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Lost landmark

Family vows to rebuild as soon as possible
Tuesday, August 19, 2003 | 12:00 a.m. CDT; updated 10:37 p.m. CDT, Monday, July 21, 2008

A fire that destroyed The Olde Heidelberg restaurant Monday was preceded by a series of apparent electrical problems, according to interviews with workers and customers, but Columbia fire officials say it might take several days to determine the true cause of the blaze.

Don’t worry, however. The ’Berg will be back.

“We will rebuild,” said Richard Walls Jr., whose father, Dick Walls, owns the 40-year-old restaurant that became a popular campus dining and drinking spot. “We’ll try and preserve as much of the front as we can. And we’ll definitely try to maintain the charm and continue the tradition of The Heidelberg. ... We’ll keep The Heidelberg alive.”

Dick Walls was out of town Monday. His son, however, said the family hopes to begin rebuilding the restaurant at 410 S. Ninth St. as soon as possible.

Patrons and employees of the restaurant who were interviewed by the Missourian on Monday mentioned problems with air conditioning and with kitchen ventilation hoods over the grills, but Battalion Chief Steven Sapp said discovering the true cause of the fire might take some time.

“After speaking with the owners today, there may have been issues with the electrical service,” Sapp said. “But we really haven’t had an opportunity to delve into that much.”

The fire was reported shortly before 1:30 a.m. Monday by a caller who had seen smoke pouring from the building.

“The fire had a good start on us, and anytime that happens it’s going to be a little nasty to fight,” Sapp said.

About 70 firefighters and 20 fire trucks from the Columbia Fire Department and the Boone County Fire Protection District fought the three-alarm blaze, Sapp said. After 20 minutes of futile firefighting inside the restaurant, crews were ordered out of the building to protect the neighboring businesses, Osama’s Coffee Zone and Domino’s Pizza, Sapp said.

Firefighters were safely out of the building by the time the roof collapsed around 3:30 a.m. No one was hurt in the fire, which was extinguished by 4 a.m.

Police evacuated residents of adjacent apartment buildings at 400 and 402 S. Ninth St. and suggested they take shelter in MU’s Middlebush Hall. Some tenants spent about two hours atop the Hitt Street parking garage while a crowd of bystanders stood in the street and watched the restaurant burn.

Red Cross volunteers provided water and food to firefighters.

Assistant Fire Marshall Amy Barrett said the fire barely touched Osama’s, which was spared by a concrete firewall erected during a renovation of the coffee shop three years ago. Osama’s, which sustained some water damage, probablywill remain closed a few more days, Sapp said.

Sapp said $250,000 would be a conservative estimate of damage to the Heidelberg. The three-alarm fire was one of the biggest since Mom’s Arcade at 413 E. Broadway burned down in September 1997, he added.

“Anytime we can save the businesses on both sides, we consider it a successful knockdown,” Sapp said. “Anytime you fight a fire that doesn’t burn the whole block down, you’re doing well.”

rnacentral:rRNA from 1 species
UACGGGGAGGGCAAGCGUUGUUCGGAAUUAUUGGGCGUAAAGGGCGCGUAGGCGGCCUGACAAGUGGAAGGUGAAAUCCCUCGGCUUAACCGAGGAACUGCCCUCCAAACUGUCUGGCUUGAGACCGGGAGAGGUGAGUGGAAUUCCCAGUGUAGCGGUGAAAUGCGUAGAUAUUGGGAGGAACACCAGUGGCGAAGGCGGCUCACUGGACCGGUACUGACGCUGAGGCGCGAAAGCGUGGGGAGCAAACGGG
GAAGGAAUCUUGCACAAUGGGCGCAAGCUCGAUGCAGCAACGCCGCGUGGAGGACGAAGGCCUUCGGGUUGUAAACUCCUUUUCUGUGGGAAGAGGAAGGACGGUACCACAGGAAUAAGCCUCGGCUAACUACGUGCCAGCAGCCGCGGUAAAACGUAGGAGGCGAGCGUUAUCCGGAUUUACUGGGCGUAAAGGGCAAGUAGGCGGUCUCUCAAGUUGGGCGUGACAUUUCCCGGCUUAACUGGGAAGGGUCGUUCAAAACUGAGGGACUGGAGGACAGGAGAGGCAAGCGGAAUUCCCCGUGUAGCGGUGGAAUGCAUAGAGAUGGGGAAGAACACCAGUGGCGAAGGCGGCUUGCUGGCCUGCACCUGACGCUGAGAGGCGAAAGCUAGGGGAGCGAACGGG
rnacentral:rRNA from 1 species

MU junior Anthony Fleig, 21, ate dinner at the Heidelberg around 6:30 p.m. Sunday. He said he could smell and see smoke in the main dining room then.

“It wasn’t really thick, but you could smell it and you could see it,” he said.

During his meal, a family walked into the main dining room and was told by a waitress that the kitchen had stopped serving food early, Fleig said.

Charlie Hamill, the bartender on duty from 5 p.m. until closing, said he was one of the last three people to leave the building at about 12:45 a.m.

“There was no smoke or smoke smell in the building when we left,” he said.

Hamill said the kitchen stopped serving food for about two hours because the ventilation hood above the kitchen grill was not working. The air conditioning had also failed, he said. The kitchen chose not to operate the grill after the vents came back on about 7:30 p.m., he said.

“We didn’t use the grill because they didn’t want extra smoke,” Hamill said.

Sapp said fire and insurance investigators returned to the restaurant about noon Monday but were unable to start a thorough investigation because they could not get large equipment inside to collect debris. Construction crews boarded up the windows of the restaurant and roped off sidewalks on Ninth Street. The investigation was to resume at 8 a.m. this morning, Sapp said.

Barrett said some equipment inside the building was too large to remove without an industrial crane. The north and south walls were too unstable Monday to enter the building safely, she added.

Domino’s employees spent much of Monday sanitizing the store and discarding food and supplies, said Brian Brown, a supervisor for Domino’s in Columbia and Fulton. “We had to throw out everything,” he said. “Every bit of food in the store went in the trash can.”

Brown said Domino’s would reopen in time for lunch today.

Columbia fire marshals issued two citations during an April 29 inspection of the Heidelberg: one for inadequate access to a fire extinguisher and the other for problems with emergency and exit lighting. Records show both problems were resolved by June 4.

MU senior Lara Langeneckert, 20, started working as a server at the Heidelberg in May. She walked by the restaurant Monday morning to see the destruction.

“I couldn’t believe that it was gone,” she said. “It was completely gone. It’s really sad.”


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